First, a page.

Running Hard

ansgar cheng running Time is something no one can work against. As far as we know, there is no time traveler in the history of mankind yet.

On more than one occasion, I have dreamed of the good times I enjoyed when I was running with my high school cross-country team. That mixture of mental suffering and physical pain was part of the resulting joy of running cross-country. The happiness of running together as a team was precious too.

However, the secret in that type of running was Discipline, Discipline, Discipline and with an additional touch of Discipline.

Jo Pavmey is a mother of two. Her younger kid was born less than a year ago. At age 40, the British runner won the female 10000m event at the 2014 European Championships. She literally outran runners half her age to win the gold medal.

Another runner in the Euopean Championships representing France, Mahiedine Mekhissi-Benabbad, was disqualified after he crossed the finish line ahead of the field in the 3000m steeplechase event. The reason was that he took his jersey off in the last 100 metres, which violated the IAAF rule that the number bibs needed to be displayed at all times during the competition. This was probably a penalty for ‘un-sportsman-like behavior’ and being disrespectful toward his fellow competitors while the event was still ongoing.

In 1982, I was running in the age 16-17 school division 1 interschool Cross-country race in Hong Kong. It was a very cold day by Hong Kong standards, probably about 5 degrees celcius. Our school team did not fare well that day on the grass track. Following our 6.5km run was the 18-19 year old boys run. It felt like forever after they were gunned off but we were busy checking out runners from the other girls schools. After about 20 minutes plus, far from the horizon at the Fanling Golf Club, a few fast runners emerged. It was a few Caucasian boys and one Chinese boy. As they dashed toward the finish line, it was clear that the Chinese boy (his name was similar to mine and he was known by his nickname as ‘Din Chung’ aka Crazy Chung) was approximately 10 meters ahead of the gang and he was effortlessly running while wearing a big smile. This boy was a record holder in 1500m and 5000m on the track in various age groups. He later went on to represent Hong Kong as a middle distance runner in the under-19 age group.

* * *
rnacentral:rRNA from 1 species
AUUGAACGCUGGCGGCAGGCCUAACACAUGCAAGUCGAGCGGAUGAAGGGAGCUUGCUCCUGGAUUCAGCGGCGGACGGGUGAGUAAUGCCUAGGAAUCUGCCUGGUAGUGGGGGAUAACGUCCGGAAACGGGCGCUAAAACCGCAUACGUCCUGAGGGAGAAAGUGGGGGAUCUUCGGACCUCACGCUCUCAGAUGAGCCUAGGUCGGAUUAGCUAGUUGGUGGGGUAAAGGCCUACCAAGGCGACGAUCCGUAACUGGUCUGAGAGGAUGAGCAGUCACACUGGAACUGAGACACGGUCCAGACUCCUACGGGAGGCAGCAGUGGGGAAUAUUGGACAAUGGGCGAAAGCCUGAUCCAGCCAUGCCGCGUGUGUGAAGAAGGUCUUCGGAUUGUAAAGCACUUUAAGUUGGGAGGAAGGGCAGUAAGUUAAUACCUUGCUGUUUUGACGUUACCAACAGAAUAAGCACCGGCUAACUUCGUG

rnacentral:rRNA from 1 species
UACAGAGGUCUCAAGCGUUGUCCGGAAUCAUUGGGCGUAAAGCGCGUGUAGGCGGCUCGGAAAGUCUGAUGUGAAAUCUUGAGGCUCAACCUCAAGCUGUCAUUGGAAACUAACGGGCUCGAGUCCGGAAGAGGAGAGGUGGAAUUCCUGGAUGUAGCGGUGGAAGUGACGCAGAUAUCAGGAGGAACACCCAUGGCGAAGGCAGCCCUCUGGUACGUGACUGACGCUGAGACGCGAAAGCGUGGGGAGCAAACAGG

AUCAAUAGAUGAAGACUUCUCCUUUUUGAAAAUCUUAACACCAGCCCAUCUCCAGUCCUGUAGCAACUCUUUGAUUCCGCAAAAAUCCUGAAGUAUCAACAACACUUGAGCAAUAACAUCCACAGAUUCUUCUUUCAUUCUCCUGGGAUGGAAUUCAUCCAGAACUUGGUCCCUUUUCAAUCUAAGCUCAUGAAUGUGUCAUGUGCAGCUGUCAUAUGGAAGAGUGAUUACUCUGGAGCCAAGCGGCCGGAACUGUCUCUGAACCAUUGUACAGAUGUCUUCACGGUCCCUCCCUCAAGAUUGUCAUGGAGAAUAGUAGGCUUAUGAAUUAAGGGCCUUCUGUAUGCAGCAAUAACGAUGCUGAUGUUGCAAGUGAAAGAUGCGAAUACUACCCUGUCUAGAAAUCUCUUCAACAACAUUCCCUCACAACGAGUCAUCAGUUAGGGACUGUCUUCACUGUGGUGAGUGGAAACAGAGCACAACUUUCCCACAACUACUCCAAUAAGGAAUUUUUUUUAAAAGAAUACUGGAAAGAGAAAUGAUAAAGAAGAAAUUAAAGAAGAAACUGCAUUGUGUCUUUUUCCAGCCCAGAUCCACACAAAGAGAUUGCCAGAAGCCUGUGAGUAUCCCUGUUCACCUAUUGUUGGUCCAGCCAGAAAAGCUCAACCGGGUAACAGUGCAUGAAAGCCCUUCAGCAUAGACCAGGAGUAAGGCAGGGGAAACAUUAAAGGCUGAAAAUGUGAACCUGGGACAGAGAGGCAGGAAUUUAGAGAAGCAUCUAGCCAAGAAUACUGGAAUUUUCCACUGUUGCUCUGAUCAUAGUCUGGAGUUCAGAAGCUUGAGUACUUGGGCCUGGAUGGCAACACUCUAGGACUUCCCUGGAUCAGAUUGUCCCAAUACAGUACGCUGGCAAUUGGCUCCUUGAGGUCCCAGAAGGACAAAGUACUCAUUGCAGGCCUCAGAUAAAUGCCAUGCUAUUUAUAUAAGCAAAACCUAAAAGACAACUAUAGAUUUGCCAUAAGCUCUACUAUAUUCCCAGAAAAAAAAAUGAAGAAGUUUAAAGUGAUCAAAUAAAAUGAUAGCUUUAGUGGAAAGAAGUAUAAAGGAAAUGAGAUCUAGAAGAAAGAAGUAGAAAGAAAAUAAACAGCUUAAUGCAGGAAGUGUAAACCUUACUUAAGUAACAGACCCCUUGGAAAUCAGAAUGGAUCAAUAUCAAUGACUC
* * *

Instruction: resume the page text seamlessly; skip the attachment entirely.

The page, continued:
‘Din Chung’ was certainly in a class of his own. The other boys were no competition in that cross country run. A few metres before he crossed the finish line, he kicked even harder, punishing the other runners and then he did something unbelievable – he turned his head around, put his hands next to his ears, stuck his tongue out and made a face to the other boys behind him while sprinting even faster. As usual, he crossed the finish line first. He truly lived up to his reputation of being a little unpredictably crazy.

Spring 1983 recorded the highest level of rain fall in 20 years in Hong Kong.  I had a great training program and a few excellent training buddies from my cross-country teammates. Some of my training partners from the cross-country team had the speed of sprinters and some were sprinters who could last the distance like middle-distance runners. In the March 1983 interschool game, I attempted to break the 1500m record of ‘Din Chung.’ It turned out to be a disaster for me as I almost did not finish and had to settle for a second place. I outran myself badly.

Hard work never kills. It is hard to teach new dogs old tricks.

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